Meeting Programs

Evening meetings of the Gila Native Plant Society will be held throughout the fall, winter and spring on the third Friday of the month  at 7.00 p.m. in Harlan Hall, second floor, Room 219, corner of Alabama and 12th Streets, on the Western New Mexico University campus. Free and open to the public. Refreshments following the program.

Friday, April 19 – I Bought Native Plants. Now What?

This month’s meeting will feature a presentation by Hanna Blood entitled “I Bought Native Plants. Now What?” Hanna will be covering some basics of native plant selection and cultivation for people who want their garden to grow! If you just acquired native plants through our annual plant sale or elsewhere, here’s your chance to find out how best to plant, water and feed them.

Hanna Blood ventured into the Sonoran Desert 25 years ago and knew her fate was to be a life of growing plants. She has worked in commercial and native plant propagation throughout the Southwest and Montana. On the Colorado Plateau she held the position of horticulturist and collection manager for the Arboretum at Flagstaff. In the Gila river valley of New Mexico, she studied herbal medicine and farmed.  She now lives in Silver City, where you can find her selling plants at the Farmer’s Market, leading plant field trips for GNPS and working on restoration projects and native grain research.

Friday, May 17 – Mesquite: Tree of Life

The meeting in May will feature a presentation by Richard Felger entitled “Mesquite: Tree of Life”. Richard evokes the presence of mesquite through the ages: “A mesquite seedling sends a deep root down through a ground sloth pie or maybe it was an elephant and only 13,000 years ago. It is the end of the 19th century and the Apaches have been driven out and nobody knows how good mesquite tastes, or how to prepare it. It is 2040 and hot and dry and half the world is growing mesquite and big sacaton. Let’s talk about mesquite past, present, and future.”

Richard Felger: I was first a marine biologist and got into cactus, orchids, and lizards after eight years of age. It is always a privilege to study and write about new aridland food crops, botany, and ethnobiology—here in the upper Gila Region, the Sonoran Desert, and deserts worldwide. My wife Silke Schneider and I live in Silver City with many plants and animals. Check out his website: DesertFoodPlants.org

May will be our last evening meeting until September, but field trips are starting up. Check the field trip page under Events.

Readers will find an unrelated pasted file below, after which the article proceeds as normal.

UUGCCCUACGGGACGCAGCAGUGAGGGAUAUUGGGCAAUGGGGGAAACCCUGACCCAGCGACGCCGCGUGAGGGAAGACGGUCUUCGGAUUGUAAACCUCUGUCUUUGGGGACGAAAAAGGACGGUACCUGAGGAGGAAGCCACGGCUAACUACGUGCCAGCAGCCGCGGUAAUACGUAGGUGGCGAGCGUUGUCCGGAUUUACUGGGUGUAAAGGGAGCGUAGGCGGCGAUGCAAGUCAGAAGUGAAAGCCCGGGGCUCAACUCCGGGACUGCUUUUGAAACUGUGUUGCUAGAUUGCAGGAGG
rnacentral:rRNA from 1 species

Our March 15th meeting featured a presentation by Ronald Parry entitled “Moths of the Gila National Forest and Vicinity.” As Ron explained, the Lepidoptera is an order of insects that includes both butterflies and moths. Many people are familiar with butterflies because of their beauty and their presence during daylight hours. Unlike butterflies, moths are little appreciated since they are largely nocturnal. This is unfortunate since many moths are beautiful and their biology is equally interesting. Most of the larger moths found within the Gila region fall into one of eight moth families. The talk summarized the characteristics of moths in each of these families and provide examples of local moths from each group.

Presenter Ron Parry was born and raised in Southern California. Exposure to the beauty and biodiversity of the California landscape in his youth converted him into a naturalist at a young age. The gift of a chemistry set from his parents one Christmas morning proved to be a turning point in his life and eventually led him to a B.S. in Chemistry from Occidental College and a Ph.D. in Organic Chemistry from Brandeis University. After graduating from Brandeis, he did two years of postdoctoral research in plant biochemistry in the United Kingdom, followed by a year of postdoctoral work at Stanford University. He returned to Brandeis as an Assistant Professor of Chemistry in 1971 and moved to Rice University in 1978.  His research focused on the biochemistry associated with the formation of the complex toxins, antibiotics, and defense compounds produced by plants, microorganisms and fungi.

After retirement in 2012, he returned to his interests in natural history and began to study moths. Among other things, he serves as a yearly volunteer at the La Selva Research Station helping Prof. Lee Dyer of the University of Nevada with his project on caterpillars and climate change. More information on the moths of the Gila region can be found at Ron’s website: https://southwesternmoths.com/

Male Ectypia clio

For those interested in following up on this fascinating topic, Ron also suggested the following websites and books:

Websites:

http://mothphotographersgroup.msstate.edu/

https://bugguide.net/node/view/15740

https://www.butterfliesandmoths.org/

http://nitro.biosci.arizona.edu/zeeb/butterflies/mothlist.html

http://www.fiveacresofmoths.org/

Books:

Basic Techniques for Observing and Studying Moths and Butterflies by

William D. Winter, Jr., 2000  (Available from The Lepidopterists

Society)

Moths of Western North America by Jerry A. Powell and Paul A. Opler,

University of California Press, 2009.